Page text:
Warning Signs of Suicide

download Warning Signs  of Suicide

of 23

  • date post

  • Category


  • view

  • download


Embed Size (px)


Warning Signs of Suicide. Lanny Berman, Ph.D., ABPP Executive director American Association of Suicidology Screening for Mental Health Teleconference September 24, 2007. Risk Factors for Suicidal Behavior. - PowerPoint PPT Presentation

Transcript of Warning Signs of Suicide

  • Warning Signs of SuicideLanny Berman, Ph.D., ABPPExecutive directorAmerican Association of Suicidology

    Screening for Mental Health TeleconferenceSeptember 24, 2007

  • Risk Factors for Suicidal Behavior

    A measurable characteristic, variable, or hazard that increases the likelihood of development of an adverse outcome.

    A risk factor precedes the outcome in time.

  • Risk Factors for Suicidal BehaviorPerpetuating risk factorsFamily history (violence, suicide, mental disorder requiring hospitalization)Skill deficits (social, cognitive)Multiple/chronic personal lossesEarly trauma/abusePrior suicidal behavior

  • Risk Factors for Suicidal Behavior Predisposing risk factorsPoor self-esteem/Self-conceptPsychiatric illnesse.g. depressionCo-morbidityChemical dependencyPhysical illnessExposure to suicidal behaviorImpulsivity/aggression

  • Risk Factors for Suicidal BehaviorPrecipitating risk factorsLoss of social support (friends, family)Loss of identity/meaning (job, career); loss of attachmentsThreat of/actual loss of job/financial lossAcute psychiatric symptoms (psychosis, depression, panic)Loss of hope/Sense of failureAcute disappointmentsEmbarrassments, humiliations, threat to statusThreat of legal action/incarcerationAvailability of meansAnniversary reaction

  • Warning SignsEarly detection, referral, treatment modelHealth care workersMental health providersFirst responders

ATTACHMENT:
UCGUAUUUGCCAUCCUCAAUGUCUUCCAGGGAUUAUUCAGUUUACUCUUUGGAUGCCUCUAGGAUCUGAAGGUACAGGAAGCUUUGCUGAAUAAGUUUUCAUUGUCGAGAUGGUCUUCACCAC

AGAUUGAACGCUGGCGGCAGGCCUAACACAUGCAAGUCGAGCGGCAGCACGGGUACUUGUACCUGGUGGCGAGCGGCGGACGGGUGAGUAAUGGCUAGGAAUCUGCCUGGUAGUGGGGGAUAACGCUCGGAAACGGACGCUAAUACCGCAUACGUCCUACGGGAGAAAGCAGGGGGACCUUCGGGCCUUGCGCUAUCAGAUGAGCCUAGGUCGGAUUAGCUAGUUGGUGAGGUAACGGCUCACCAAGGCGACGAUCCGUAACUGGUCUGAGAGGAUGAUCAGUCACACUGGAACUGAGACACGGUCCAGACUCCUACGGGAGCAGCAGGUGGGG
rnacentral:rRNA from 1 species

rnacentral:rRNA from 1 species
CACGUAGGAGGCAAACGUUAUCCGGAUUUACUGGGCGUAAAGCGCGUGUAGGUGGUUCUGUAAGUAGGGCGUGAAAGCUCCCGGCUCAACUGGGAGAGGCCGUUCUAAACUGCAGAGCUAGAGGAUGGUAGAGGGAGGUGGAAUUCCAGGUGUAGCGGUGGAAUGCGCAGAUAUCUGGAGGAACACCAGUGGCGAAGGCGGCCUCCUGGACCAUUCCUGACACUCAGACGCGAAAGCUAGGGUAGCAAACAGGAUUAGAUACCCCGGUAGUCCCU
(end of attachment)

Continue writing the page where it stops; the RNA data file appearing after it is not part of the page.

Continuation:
Public health awareness modelTo lay publicTo gatekeepers, etc.

  • Evidence-based Suicide Prevention ProgramsCase Finding Strategies:

    Suicide awareness curricula Gatekeeper training Screening Crisis centers and hotlines

  • Warning Signs on the Internet (Mandrusiak et al, 2006)Google search: warning signs and suicide183,000 hitsTabulation of 1st 50 of randomly selected 200 sites138 distinct warning signs18 signs posted on > 30% of sites63 were unique to one siteOf 200 web sites sampled3266 warning signs categorized from all 200 sites

  • Sheet1

    Appendix 1. List of Warning Signs and Risk Factors Published By Various Organizations and Number of Times Listed.


    Family History

    suicide (3)XXX

    substance abuse (1)X

    physical or sexual abuse (2)XX

    Suicidal/Death Ideation (2)XX

    writing about death and suicide (1)X

    talking about suicide and plans (7)XXXXXXX

    giving prized possessions away (7)XXXXXXX

    attraction to death (4)XXXX

    making arrangements (4)XXXX

    making out wills (4)XXXX

    unusual visiting or calling loved ones (2)XX

    obsession with guns/knives (1)X

    Behavior Changes (4); marked changesXXXX

    substance abuse (9)XXXXXXXXX

    withdrawal from friends/family (4)XXXX

    personality changes (4)XXXX

    physical symptoms (3)XXX

    withdrawal from regular activities (4)XXXX

    neglect of personal appearance (3)XXX

    unnecessary risks (3); behaving recklessly (1)XXXX

    agitation (3)XXX

    restlessness (3)XXX

    fear of losing control (3)XXX

    running away (2)XX

    self-destructive behavior (2);self-mutilation (1)XXX

    hyperactivity (2)XX

    accident-prone (2)XX

    boredom (2); daydreaming (1)XXX

    decline in quality of schoolwork (2)XX

    rebellious behavior (2)XX

    not tolerating praise or rewards (1)X

    violent actions (1)X

    extravagant spending (1)X

    lethargy (1)X

    nightmares (1)X

    worry about money (1)X

    worry about illness (real or imaginary) (1)X

    fear of hurting oneself or others (1)X

    increased crying (2)XX

    increased anxiety (1)X

    increased panic attacks (1)X

    perfectionism (1)X


    unwillingness or inablity to communicate (1)X

    impulsiveness (1)X

    helplessness (1)X

    chronic pain, panic, anxiety (1)X

    loss of interest in appearance (1)X

    Stressful Events

    severe loss/separation (loved one, job,XXXXXXX

    money, status, self-esteem) (7)

    rejection - feeling marginalizedX

    failing in school (2)XX

    loss of physical funtioning (1)X

    loss of body parts/physical integrity (1)X

    serious illness or injury to oneself (1)X

    causing serious injury or death to another (1)X

    terminal illness (1)X

    HIV/AIDS (1)X

    chronic emotional/physical pain (2)XX

    dependence on others for health care (1)X

    stressful family life (1)X

    loss of religious faith (1)X

    panic, anxiety (2)XX

    loss of security (1)X

    recent imprisonment or upcoming releaseX